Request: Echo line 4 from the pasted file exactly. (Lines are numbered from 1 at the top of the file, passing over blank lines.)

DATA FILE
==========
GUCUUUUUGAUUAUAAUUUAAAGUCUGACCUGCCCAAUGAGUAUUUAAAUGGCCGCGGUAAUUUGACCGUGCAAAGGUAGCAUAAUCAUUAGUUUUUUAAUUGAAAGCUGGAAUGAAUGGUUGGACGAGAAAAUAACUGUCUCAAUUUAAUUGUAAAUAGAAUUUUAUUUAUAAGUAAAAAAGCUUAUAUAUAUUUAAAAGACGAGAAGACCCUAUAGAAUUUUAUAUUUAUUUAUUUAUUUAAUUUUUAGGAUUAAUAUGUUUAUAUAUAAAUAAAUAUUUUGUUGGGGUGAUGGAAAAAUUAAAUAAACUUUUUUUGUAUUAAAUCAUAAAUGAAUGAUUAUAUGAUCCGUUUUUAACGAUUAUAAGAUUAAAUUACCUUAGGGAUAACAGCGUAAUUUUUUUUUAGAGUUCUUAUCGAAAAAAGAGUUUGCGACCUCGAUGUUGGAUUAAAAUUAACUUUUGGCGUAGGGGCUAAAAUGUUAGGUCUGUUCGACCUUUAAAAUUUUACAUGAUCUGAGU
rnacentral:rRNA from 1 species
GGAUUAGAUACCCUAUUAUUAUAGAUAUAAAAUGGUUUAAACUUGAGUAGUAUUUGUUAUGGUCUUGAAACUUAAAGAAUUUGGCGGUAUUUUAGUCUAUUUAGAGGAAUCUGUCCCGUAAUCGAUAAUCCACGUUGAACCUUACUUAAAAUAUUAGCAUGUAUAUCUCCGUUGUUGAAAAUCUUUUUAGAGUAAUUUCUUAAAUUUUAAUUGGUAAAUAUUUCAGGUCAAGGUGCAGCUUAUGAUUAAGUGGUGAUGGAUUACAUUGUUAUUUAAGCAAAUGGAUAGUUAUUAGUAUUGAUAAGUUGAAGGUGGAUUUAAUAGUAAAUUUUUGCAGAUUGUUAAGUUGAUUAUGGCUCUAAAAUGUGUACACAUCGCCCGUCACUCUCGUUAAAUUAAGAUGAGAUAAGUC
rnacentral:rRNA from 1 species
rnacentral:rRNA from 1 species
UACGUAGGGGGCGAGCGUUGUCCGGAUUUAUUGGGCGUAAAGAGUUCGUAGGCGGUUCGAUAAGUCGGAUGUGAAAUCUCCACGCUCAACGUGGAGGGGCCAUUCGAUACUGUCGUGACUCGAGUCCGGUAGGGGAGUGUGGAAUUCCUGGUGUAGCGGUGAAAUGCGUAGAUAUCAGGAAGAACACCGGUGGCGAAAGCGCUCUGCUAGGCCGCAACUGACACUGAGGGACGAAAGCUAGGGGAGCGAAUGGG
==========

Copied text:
rnacentral:rRNA from 1 species